If it’s not from the States, does it still count as country?
The answer was “yes” on Saturday night.
New Zealand country music star Kimball Brisco Johnson performed at a charity concert at the East Texas Arboretum at 8 p.m. Saturday.
The Arboretum was the first Texas stop on Johnson’s U.S. tour. He and his eight-piece band, The Teamsters, began a tour of the country on July 25.
“I feel there’s a large void in country music right now, after the death of Johnny Cash,” Johnson said after the concert. “We in New Zealand are very close to the people in the United States. We wanted to come out here.”
The Teamsters have recorded a total of 134 songs together. They came off a productive year in 2005, when they put together seven albums with 98 songs.
“I think we’re the only band in America or New Zealand to record seven albums in one year,” Johnson said.
Saturday’s concert playlist included 16 songs from four of The Teamster’s albums. Johnson’s croonings ranged from the upbeat and funky to the bittersweet and sentimental — from love songs to tributes to Louisiana and Elvis Presley.
“Elvis didn’t come from Texas, anyway,” Johnson said during the concert. “But we’ll forgive him.”
The music was well-received by the crowd, many of whom danced in their seats or standing with partners. The concert ended around 9:30 following an encore, and Johnson stayed afterward to autograph free music CDs.
East Texas Arboretum Executive Director Teresa Glasgow said she thought the concert was a great success.
“I think that the people who came out heard quality entertainment,” she said. “I’m very grateful to Kimball Brisco and his band for playing here with us.”
Glasgow herself had arranged a special honor for Johnson. Before the start of the concert, she presented him with a proclamation from Sen. Todd Staples’ office declaring Johnson an honorary Texan.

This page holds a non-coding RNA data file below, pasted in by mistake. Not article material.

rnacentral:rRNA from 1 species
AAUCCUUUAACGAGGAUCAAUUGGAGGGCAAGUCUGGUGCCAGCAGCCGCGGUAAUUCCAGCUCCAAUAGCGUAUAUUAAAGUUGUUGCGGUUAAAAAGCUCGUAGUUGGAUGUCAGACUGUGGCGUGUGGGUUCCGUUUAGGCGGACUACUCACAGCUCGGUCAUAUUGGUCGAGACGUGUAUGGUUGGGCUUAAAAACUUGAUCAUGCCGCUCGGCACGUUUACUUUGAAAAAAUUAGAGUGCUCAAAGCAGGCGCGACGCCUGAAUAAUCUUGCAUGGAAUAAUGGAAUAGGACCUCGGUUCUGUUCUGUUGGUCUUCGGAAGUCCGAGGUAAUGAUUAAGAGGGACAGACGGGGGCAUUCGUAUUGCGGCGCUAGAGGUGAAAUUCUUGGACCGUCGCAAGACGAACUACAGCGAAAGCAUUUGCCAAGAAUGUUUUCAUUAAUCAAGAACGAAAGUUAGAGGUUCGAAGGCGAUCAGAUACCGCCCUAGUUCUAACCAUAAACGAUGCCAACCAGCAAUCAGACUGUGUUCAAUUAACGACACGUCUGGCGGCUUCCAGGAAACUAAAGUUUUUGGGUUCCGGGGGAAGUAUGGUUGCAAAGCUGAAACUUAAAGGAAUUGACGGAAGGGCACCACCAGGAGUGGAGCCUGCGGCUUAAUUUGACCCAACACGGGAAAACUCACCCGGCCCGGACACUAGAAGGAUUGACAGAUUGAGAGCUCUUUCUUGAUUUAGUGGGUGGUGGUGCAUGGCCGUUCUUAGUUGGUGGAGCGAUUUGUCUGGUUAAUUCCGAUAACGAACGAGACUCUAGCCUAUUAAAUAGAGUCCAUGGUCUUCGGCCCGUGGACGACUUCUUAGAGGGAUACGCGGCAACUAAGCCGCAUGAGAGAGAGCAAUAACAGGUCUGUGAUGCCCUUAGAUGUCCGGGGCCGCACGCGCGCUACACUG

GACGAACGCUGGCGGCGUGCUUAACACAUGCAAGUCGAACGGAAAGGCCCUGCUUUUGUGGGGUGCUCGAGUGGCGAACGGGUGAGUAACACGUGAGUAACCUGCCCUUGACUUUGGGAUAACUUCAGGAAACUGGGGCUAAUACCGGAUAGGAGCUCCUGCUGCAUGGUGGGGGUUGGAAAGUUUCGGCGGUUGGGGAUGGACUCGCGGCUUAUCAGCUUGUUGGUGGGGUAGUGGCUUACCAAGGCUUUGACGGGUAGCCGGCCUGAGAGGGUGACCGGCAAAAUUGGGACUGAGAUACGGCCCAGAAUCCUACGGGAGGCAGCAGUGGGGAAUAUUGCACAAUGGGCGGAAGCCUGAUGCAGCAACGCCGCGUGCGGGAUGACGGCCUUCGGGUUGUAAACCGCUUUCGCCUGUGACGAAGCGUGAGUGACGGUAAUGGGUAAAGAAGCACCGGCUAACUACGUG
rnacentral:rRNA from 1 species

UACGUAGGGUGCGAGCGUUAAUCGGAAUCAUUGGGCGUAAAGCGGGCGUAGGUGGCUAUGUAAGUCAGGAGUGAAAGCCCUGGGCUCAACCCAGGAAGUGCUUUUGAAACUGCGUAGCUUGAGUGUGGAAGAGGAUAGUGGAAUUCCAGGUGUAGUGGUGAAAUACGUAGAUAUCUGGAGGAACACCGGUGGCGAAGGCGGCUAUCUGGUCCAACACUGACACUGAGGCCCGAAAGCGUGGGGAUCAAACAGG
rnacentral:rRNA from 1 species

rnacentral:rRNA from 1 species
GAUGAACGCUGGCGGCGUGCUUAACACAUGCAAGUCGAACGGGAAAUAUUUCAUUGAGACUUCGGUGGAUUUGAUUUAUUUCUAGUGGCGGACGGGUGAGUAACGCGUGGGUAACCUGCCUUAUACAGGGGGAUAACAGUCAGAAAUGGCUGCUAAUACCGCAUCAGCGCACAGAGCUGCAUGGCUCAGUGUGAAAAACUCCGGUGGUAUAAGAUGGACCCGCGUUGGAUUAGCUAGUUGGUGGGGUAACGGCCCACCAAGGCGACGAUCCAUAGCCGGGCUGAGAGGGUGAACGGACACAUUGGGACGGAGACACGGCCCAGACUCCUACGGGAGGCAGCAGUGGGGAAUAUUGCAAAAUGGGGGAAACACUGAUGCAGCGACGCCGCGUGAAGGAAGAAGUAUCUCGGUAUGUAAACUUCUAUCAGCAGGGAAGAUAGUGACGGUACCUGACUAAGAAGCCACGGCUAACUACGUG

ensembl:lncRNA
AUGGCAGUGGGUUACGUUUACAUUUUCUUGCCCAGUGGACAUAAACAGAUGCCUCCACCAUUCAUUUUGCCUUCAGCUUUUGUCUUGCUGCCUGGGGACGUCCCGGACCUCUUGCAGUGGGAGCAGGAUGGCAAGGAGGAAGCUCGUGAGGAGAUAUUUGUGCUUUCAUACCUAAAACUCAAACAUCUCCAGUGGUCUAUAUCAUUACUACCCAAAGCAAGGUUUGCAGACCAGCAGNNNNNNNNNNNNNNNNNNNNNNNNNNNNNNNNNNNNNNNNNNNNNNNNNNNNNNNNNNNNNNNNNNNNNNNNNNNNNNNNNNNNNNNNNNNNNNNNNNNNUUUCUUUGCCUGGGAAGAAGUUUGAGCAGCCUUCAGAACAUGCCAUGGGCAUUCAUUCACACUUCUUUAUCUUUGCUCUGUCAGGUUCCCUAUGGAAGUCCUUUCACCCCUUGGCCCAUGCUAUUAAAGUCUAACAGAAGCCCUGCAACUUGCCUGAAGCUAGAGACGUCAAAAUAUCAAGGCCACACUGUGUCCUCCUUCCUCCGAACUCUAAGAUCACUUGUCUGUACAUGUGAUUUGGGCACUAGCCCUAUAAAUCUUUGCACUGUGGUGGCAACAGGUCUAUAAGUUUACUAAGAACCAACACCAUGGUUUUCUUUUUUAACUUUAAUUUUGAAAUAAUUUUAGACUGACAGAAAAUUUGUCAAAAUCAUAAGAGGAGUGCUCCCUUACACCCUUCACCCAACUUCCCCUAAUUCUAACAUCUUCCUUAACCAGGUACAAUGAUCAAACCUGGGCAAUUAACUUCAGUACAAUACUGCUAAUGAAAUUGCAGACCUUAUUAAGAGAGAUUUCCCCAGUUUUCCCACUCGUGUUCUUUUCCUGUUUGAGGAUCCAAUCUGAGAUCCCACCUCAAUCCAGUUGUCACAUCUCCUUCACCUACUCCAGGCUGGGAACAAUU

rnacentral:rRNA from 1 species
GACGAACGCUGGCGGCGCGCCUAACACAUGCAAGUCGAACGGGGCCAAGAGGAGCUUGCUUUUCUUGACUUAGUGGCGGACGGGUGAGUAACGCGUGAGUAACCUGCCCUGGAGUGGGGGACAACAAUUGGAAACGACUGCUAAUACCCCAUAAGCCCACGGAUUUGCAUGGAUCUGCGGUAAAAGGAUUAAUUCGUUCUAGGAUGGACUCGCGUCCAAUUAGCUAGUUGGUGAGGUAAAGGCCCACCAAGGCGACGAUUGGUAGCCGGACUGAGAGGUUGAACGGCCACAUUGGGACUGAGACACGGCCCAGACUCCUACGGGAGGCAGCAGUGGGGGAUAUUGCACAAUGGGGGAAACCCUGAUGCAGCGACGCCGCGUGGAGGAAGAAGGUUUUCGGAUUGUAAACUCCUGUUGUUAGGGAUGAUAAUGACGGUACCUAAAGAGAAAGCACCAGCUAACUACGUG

“I feel just absolutely blown away by this,” Johnson said. “I’d like to thank everyone that came.”
“We’ve never had such a wonderful, warm welcome,” said Megan Michie, a vocalist in the band. “(Our reception has been) brilliant. It’s already leading on to other possibilities.”
Among the concert-goers were Mayor Randy Daniel and City Administrator Pam Burton, both of whom said they enjoyed Johnson’s toe-tapping performance.
“In all probability, I’ll probably never, ever travel to New Zealand,” Daniel said. “But if I miraculously woke up there tomorrow, I’d feel right at home.”
“It was very, very good,” Burton said. “And I think the people who didn’t take the opportunity to come out really missed a treat.”
Also in attendance was Glasgow’s aunt, Dorothy Hamm. Hamm, a music promoter from the Metroplex, arranged Johnson’s stop in Athens and helped coordinate the evening.
“I thought they did a wonderful job,” Hamm said. “It’s the middle of the winter in New Zealand, and I think they did a wonderful job coming down here and enduring our heat with no complaints.”
Johnson, speaking personally, said he didn’t mind the heat at all.
“It’s so cold right now, back in New Zealand,” he said. “I’m actually just getting over pneumonia, so it’s a good thing to get warm.”
After the concert, Johnson’s band headed for Fort Worth for a Sunday gig at the White Elephant Saloon. Their last stop will Aug. 8 at the Douglas Corner Cafe in Nashville, Tenn.
Johnson said he hopes to go on a second U.S. tour — hopefully as soon as he can.
“We’re going to go back on the road in New Zealand,” he said. “Then we’ll probably come back (to America) in the first season.”
“Being declared an honorary Texan, that’ll always hold a special place in (Johnson’s) heart,” Michie said. “We’re thanking Teresa Glasgow from all our hearts.”
For more information, visit Kimball Brisco Johnson’s Web site at www. kimballbriscojohnson.co.nz.
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